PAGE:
The essential skill of reading, including decoding and comprehension, has not been learned by all. The number of children identified with learning disabilities continues to increase in the United States. Of the identified children, the majority are identified in the area of reading. Educators continue to search for interventions to improve students' reading skills. One format that has provided promise for students with Learning Disabilities (LD) is computer assisted instruction (CAI). To evaluate the extent to which this promise has been realized, this literature review was conducted. A methodical search of the literature on CIA in reading interventions for students with learning disabilities yielded 17 studies. The studies were evaluated by type of computer instruction (drill and practice, strategy, and simulation) and type of reading intervention (prereading, word recognition, vocabulary/language, and comprehension/higher order thinking skills). Results indicate that most CAI programs in reading for this po pulation employ drill and practice procedures, followed by strategy instruction, then simulation. The area of reading intervention focus was evenly split between word recognition and reading comprehension, followed by language/vocabulary, then prereading skills instruction. In many studies CAI was found to be a medium in which children improved reading skills. Those studies demonstrating significant differences favoring a CAI reading intervention, employed effective teaching practices. Several characteristics of effective practices using CAI are highlighted here. Implications for future research employing CAI for students with disabilities in reading are presented.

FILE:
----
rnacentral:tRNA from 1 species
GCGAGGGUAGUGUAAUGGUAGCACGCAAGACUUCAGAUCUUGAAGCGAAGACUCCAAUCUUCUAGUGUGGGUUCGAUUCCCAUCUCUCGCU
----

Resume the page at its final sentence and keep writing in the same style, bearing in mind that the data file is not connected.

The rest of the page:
In many respects, the outlook for children who experience learning difficulties in schools is bleak. The problem for schools and society is serious. About 23 million adults have basic skills at a fourth grade level or below, and are classified as functionally illiterate. An additional 35 million adults are semiliterate (skills below eighth grade ability). Illiterate and semiliterate adults account for 75% of the unemployed (Orton Dyslexia Society, 1986). Approximately one-fourth of the students currently enrolled in kindergarten through grade 12 will fail to complete high school (Cegelka, 1995), and many of these students are eligible for special education services. More than 5.1 million children with disabilities from (birth to 21) have been identified with a disability (Eighteenth Annual Report to Congress, 1996). This number represents 12% of the school population. Currently, 52% of children with disabilities have been identified as Learning Disabled (LD), a percentage of school children that has grown dra matically (from 23%) since child counts began in 1976-77 (Heward, 1996). Clearly, the essential skill of reading (decoding and comprehension) is not successfully taught or learned by all.
Concerns about literacy skills have become profound in America to the extent that our current political agenda now addresses reading education. President Clinton has established a goal for all school children to read by grade 3. To emphasize the importance of correcting and decreasing illiteracy rates, the White House is engaged with universities around the nation to institute tutoring programs to support school instruction and improve children's reading skills (The America Reads Challenge, 1997).
Specialized efforts have been developed in an effort to remediate academic skills problems, including reading. Title 1 (formerly chapter 1) and Special Education are two prevalent service providers in public schools specifically designed to remediate and educate students with reading difficulties and disabilities. Seventy-five percent of students identified for Title 1 services, require assistance in reading (followed by math, and language). Reading is a significant problem for students with learning disabilities also. …